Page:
Thinking of situational scenes

Now that you have decided on a how to resolve the plot, think about how the story will progress.


 Choosing the promise

What kind of promise will the protagonist make to their partner?

Because it is a promise with a partner, it can be fulfilled by them starting to date or getting married. This means that at the beginning of the story, the relationship with this partner is pre-dating or pre-marriage. So it would make sense to choose a partner that was already close to the protagonist because it seems a bit unreasonable to keep long-term promises with those they don't care about. You need a certain amount of affection to keep a long-term promise. Marriage can be considered as a promise between partners. Furthermore, as there are circumstances in which we cannot marry our partner right away, we make a promise to each other.


For example, if the characters are still children, you can make a promise to marry someone if you meet them again when you are all grown up, you will have to wait until that time. Let's make this our plot's rough promise.


 Thinking up obstacles

This story will culminate in a promise of marriage, so the story begins with the protagonist as an adult. The couple have been waiting for a long time, so if an obstacle were to present itself now before the promise is fulfilled, the story would be even more entertaining.


Let's say that due to something trivial where they butt heads, the two get angry with each other, and they forget their promise or pretend to forget their promise with each other. However, they still really like each other. This is an obstacle in which the mind becomes a barrier to the promise.


The prospect of saying this promise out loud as an adult is embarrassing even though it was said so candidly when they were children. Here, the characters will feel each other out and see whether or not they remember the promise they made to each other.


Creating the plot

With all the details, we have put together the following plot.

--

When the main character was a child, she and her friend promised that they would meet again in a certain place and would get married. As these children grew up, they became busy with work and could no longer speak about the promise they made to each other when they were younger. However, they are still quite close, so they try to feel each other out to see if the other remembers or not. The promised day comes without them really knowing each other's true feelings. They both brace themselves and meet at the appointed time. The outcome of which will not be revealed. The story ends in a way that allows the reader to imagine how the scene resolves.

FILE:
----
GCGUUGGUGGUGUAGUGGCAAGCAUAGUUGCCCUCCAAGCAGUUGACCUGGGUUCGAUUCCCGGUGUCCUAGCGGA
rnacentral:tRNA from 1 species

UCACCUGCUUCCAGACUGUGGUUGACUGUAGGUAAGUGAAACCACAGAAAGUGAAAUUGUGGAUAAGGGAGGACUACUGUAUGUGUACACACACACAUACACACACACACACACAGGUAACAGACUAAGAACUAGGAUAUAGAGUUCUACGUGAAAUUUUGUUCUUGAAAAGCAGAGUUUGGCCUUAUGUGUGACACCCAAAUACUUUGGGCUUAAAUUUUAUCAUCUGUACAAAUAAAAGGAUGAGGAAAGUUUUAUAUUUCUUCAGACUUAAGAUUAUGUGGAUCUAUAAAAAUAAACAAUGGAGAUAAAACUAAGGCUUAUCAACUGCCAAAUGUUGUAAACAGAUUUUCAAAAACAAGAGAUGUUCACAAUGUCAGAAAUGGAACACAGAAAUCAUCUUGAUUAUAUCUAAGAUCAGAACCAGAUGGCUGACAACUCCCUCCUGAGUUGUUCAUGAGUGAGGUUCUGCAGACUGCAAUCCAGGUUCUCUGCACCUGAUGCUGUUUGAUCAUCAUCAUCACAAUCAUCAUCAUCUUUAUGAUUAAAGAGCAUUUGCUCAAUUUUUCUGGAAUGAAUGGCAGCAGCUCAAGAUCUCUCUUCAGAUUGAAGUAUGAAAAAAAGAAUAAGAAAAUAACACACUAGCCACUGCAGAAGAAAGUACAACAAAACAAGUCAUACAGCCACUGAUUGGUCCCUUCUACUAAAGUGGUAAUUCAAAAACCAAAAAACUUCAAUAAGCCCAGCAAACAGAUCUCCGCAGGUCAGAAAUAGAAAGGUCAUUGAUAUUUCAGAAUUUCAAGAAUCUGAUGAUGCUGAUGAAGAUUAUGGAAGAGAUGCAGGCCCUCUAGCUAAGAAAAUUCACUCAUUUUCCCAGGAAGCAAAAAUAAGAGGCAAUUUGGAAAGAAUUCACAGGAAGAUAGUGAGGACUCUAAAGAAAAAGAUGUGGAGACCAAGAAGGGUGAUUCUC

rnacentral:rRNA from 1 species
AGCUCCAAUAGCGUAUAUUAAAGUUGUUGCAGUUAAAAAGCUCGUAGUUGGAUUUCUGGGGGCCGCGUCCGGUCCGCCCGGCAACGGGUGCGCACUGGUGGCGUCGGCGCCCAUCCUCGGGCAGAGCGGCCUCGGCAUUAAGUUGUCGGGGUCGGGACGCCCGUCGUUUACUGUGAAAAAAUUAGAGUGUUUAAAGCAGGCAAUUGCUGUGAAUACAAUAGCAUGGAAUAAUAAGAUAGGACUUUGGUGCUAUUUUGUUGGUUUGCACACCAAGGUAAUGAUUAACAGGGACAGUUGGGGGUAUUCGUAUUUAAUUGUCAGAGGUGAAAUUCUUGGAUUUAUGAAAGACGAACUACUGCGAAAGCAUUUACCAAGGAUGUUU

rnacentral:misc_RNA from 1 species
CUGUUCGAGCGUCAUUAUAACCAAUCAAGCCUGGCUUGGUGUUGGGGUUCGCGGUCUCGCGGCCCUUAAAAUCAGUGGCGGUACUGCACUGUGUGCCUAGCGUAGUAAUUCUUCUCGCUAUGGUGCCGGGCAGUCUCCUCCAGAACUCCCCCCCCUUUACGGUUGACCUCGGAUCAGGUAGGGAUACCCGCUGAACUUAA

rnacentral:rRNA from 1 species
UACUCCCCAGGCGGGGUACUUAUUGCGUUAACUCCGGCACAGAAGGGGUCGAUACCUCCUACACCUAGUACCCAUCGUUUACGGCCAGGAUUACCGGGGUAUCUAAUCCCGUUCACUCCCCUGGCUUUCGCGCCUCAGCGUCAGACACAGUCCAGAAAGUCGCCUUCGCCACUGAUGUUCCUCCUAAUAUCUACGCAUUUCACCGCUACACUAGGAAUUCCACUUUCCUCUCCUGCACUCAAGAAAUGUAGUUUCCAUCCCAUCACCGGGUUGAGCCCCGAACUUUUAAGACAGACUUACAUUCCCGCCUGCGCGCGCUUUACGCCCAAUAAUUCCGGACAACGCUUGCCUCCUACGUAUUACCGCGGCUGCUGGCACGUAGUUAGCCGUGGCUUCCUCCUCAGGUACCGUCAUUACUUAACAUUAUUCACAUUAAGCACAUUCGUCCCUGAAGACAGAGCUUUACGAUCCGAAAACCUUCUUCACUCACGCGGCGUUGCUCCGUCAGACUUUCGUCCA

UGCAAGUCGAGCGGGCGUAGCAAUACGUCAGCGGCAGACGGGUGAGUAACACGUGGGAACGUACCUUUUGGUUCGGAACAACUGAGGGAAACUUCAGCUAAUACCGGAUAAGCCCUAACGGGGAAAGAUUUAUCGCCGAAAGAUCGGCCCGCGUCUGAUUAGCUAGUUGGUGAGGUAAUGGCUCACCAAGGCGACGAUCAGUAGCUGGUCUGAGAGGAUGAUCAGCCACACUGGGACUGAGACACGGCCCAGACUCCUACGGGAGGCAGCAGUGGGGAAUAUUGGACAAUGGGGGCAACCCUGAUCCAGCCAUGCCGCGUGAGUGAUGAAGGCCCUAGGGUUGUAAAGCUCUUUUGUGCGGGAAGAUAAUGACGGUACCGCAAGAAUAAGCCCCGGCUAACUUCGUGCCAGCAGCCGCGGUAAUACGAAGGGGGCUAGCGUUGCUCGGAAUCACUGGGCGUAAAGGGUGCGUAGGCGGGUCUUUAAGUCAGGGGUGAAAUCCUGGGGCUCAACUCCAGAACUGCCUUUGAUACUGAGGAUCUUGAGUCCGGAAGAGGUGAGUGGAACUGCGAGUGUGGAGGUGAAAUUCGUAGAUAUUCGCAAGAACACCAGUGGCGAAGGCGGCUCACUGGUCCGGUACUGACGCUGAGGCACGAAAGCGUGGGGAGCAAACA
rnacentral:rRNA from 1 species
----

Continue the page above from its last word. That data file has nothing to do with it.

--


As we did not draw the scene where the promise is fulfilled, the climax of the story is at the peak of the tension just before it. This plot evokes the uneasy feeling of "I want to see if my partner remembers our promise... but what if they don't?" and this feeling peaks when the couple meets at the appointed place.


When creating a storyboard, consider how much of the plot you can express visually in graphics.



Junpei Goto: Manga Script Doctor/Tokyo Storyboard Tank Representative

YouTube:

https://www.youtube.com/channel/UCqI2ffVsUgbKPlAgeVAWv7g

Goto’s Twitter:

https://twitter.com/goto_junpei

Goto’s note:

https://note.mu/nametank


Who is Manga Script Dr. Goto?

Dr. Goto teaches techniques and tips for creating comics in a variety of genres, including shonen comics, shoujo comics, love story comics, traveling to a new world comics, etc. He also discusses manga, illustration, how to use Clip Studio on the iPad, etc.


What is Tokyo Storyboard Tank?

A classroom and research center in Japan that teaches how to create manga-specific stories and design comic book page layouts.